Medical bills are seen at a patient's home in Estero, Fla. (Matt McClain/The Washington Post)

Ezekiel Emanuel is chair of the Department of Medical Ethics and Health Policy at the University of Pennsylvania, senior fellow at the Center for American Progress and a venture partner at Oak HC/FT Partners. He served in President Barack Obama’s White House from 2009 to 2011.

Essentially no one in the United States likes surprise medical bills. That’s why Democratic and Republican leaders in both the House and the Senate pulled together common-sense bills earlier this year to curtail the practice.

So why isn’t such legislation a slam dunk? Because special interests — specifically hospitals and the private-equity-backed companies that have largely taken over their emergency rooms — are standing in the way. As lawmakers return to session next week, they should make it a priority to end this abusive tactic.

Studies suggest that surprise billing occurs in 20 percent of emergency-room visits — though the rate could be as high as 42 percent. The practice often happens when certain physicians at a hospital — for example, radiologists or anesthesiologists — issue a separate bill because they do not have a contract with the patients’ insurer regarding charges for specific services, even though the hospital is in network.

Imagine, as my colleague Benjamin Chartock puts it, going to a restaurant and getting a separate, unexpected bill for dessert because the pastry chef did not sign a contract with the owner. Such is the case when patients go to the hospital, where they are “captured” and don’t have the option to choose an in-network physician or to go without health care. This dramatically enhances the bargaining power of those physicians; without a contract, they can charge the infamous chargemaster prices that hospitals assure only foreign billionaires pay.

Frankly, however, doctors are not conniving enough to have figured out this scheme, nor are they responsible for putting it on an industrial scale. Surprise medical bills are the doing of the financial sorcerers at companies such as EmCare and TeamHealth, both owned by private equity firms, which are responsible for outsourced emergency rooms in hundreds of hospitals across the country.

Yale University researchers have found that when these companies take over an emergency room, the frequency of surprise billing skyrockets. For instance, EmCare takeovers of ERs caused a jump in surprise billing by almost 82 percentage points. And when TeamHealth employs the physicians, the frequency of surprise billing increased by 33 percentage points. (After the Yale study was published, EmCare negotiated with insurers to counter the torrent of negative press.)

The legislation making its way through Congress attempts to solve this by getting patients out of the middle, protecting them by charging them no more than typical in-network co-pays. The bills would also establish a fair price for the physicians who are out-of-network. The benchmark price, which would rise with inflation, would be the median in-network rate for the service in the local market where the patient was seen. That means physicians who do not sign contracts with insurers — in hopes of hitting the jackpot with out-of-network patients — would be paid the same as other similar physicians who were not so greedy.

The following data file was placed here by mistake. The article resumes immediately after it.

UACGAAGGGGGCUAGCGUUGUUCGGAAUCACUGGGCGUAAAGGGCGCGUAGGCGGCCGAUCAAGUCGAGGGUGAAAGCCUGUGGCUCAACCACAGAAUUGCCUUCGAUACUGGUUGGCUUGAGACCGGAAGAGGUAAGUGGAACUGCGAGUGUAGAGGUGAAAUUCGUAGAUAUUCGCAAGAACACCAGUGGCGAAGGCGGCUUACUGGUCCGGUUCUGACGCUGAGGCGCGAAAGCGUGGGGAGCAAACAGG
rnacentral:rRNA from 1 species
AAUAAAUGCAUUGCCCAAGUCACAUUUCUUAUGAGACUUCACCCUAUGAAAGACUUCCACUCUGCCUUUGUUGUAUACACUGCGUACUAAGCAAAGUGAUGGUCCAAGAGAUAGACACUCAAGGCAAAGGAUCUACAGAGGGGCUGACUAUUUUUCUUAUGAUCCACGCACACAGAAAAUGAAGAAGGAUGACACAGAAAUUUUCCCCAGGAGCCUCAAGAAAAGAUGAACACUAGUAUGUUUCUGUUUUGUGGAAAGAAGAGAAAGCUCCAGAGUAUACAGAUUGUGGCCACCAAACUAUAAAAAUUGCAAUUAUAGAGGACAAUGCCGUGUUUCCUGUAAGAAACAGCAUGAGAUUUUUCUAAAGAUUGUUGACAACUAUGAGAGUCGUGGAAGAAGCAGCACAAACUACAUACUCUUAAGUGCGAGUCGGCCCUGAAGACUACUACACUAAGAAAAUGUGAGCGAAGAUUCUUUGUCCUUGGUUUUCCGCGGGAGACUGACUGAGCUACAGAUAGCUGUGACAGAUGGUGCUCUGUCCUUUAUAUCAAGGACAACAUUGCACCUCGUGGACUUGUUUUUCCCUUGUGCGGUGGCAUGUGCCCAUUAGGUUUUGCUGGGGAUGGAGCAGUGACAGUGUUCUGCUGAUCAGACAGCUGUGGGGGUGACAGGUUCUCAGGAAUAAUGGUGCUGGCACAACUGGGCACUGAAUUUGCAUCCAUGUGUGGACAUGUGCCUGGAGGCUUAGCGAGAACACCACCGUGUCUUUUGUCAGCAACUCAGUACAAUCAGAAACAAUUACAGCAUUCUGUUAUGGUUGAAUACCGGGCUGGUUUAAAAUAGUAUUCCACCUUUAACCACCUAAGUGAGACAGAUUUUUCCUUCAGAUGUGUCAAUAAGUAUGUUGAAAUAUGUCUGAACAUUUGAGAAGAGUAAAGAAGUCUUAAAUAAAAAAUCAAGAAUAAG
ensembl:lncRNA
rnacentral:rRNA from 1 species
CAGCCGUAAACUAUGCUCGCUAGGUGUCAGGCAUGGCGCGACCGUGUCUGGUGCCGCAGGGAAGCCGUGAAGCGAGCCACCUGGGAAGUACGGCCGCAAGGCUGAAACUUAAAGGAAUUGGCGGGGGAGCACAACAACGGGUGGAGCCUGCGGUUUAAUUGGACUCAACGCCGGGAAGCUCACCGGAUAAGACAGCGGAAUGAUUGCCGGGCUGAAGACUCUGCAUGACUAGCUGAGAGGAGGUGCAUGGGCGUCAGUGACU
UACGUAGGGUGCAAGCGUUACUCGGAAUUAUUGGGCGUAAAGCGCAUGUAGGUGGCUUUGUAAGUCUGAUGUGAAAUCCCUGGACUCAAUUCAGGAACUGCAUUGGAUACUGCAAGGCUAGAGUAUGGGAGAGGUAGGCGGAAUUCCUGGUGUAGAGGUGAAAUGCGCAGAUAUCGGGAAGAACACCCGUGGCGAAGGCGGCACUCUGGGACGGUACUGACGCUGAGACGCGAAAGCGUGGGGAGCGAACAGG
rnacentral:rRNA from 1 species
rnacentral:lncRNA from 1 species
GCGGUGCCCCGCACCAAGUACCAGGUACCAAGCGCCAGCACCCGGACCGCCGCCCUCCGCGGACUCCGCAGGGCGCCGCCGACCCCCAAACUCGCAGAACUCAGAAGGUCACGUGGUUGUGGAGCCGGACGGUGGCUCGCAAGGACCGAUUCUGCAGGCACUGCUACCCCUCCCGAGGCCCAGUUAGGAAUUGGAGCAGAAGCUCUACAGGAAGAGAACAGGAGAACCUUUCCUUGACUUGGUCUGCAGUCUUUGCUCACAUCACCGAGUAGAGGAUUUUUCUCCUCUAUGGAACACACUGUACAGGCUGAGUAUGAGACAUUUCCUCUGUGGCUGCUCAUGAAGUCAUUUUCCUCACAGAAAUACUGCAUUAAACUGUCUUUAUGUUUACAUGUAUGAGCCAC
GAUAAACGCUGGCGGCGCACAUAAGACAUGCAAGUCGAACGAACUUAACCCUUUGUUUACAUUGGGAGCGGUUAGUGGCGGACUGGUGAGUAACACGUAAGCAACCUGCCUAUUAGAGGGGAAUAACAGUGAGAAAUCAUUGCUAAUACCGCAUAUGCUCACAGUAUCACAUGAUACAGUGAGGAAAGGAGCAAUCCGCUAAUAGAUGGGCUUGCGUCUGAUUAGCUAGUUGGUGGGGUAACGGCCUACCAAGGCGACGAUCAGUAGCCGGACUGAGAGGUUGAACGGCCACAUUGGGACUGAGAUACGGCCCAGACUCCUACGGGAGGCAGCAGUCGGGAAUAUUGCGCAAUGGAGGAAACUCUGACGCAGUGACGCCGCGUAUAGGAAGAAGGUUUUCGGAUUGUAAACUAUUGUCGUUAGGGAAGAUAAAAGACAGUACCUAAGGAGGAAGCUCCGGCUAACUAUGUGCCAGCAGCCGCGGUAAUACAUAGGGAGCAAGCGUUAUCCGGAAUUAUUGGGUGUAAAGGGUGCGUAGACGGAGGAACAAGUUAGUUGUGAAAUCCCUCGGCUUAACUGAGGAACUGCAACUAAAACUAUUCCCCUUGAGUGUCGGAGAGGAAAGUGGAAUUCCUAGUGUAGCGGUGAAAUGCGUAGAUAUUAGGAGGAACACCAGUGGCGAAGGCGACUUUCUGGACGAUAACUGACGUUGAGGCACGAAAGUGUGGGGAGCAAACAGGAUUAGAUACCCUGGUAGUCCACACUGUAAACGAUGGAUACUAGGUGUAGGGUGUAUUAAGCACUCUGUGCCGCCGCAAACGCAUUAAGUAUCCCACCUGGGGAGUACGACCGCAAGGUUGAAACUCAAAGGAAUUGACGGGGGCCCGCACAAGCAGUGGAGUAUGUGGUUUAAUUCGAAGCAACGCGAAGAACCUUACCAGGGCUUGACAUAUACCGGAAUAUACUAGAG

The House — but so far not the Senate — has also proposed an appeals and independent arbitration process if physicians and hospitals are not happy with the benchmark payment. This is a sop to physicians, but it hasn’t kept special interests from spending millions of dollars on lobbying and political ads that target congressional members and portray physicians as poor victims of rapacious insurance companies.

Their complaints are hard to take seriously. Radiologists, anesthesiologists and emergency-room physicians are paid very well. Private insurers on average pay anesthesiologists about 3.5 times what Medicare pays, even while other physicians get on average only 1.3 times Medicare rates from private insurance. The average salary for radiologists is nearly $420,000 per year and for anesthesiologists is almost $390,000.

Hospitals fear, too, that they would be paid less under such legislation. They routinely warn that without the higher payments, they would have to reduce services or even close. But extorting patients with surprise bills hardly seems the way to shore up hospitals’ finances.

Hospitals and their fellow special interests also don’t have a viable policy alternative. They suggest making every single billing disagreement between insurers and the physicians — including at least 30 million surprise bills from emergency rooms alone — subject to arbitration. Talk about creating a complex, costly, administrative morass. Only the lawyers would win in such a situation.

It appears that despite the overwhelming public interest, the usual will happen: Congress will waver and fail to pass a bill. Though Senate Majority Leader Mitch McConnell (R-Ky.) has expressed support for a bill in the past, there’s no guarantee he will allow the bill to come to the Senate floor.

If Congress fails to stand up to special interests here, what hope is there for legislation that addresses bigger health-care issues, such as exorbitant drug prices? It is enough to make believers in representative democracy scream in disgust.

Read more:

The Post’s View: Surprise! Congress might actually end big, unexpected medical bills.

David Kendall and Jim Kessler: We don’t need government-run health care to get to affordable, universal coverage

Helaine Olen: Why a lousy dispute between two health-care giants could cost Americans

Robert Gebelhoff: Experts hated this Trump health-care policy. So far, they’re wrong.

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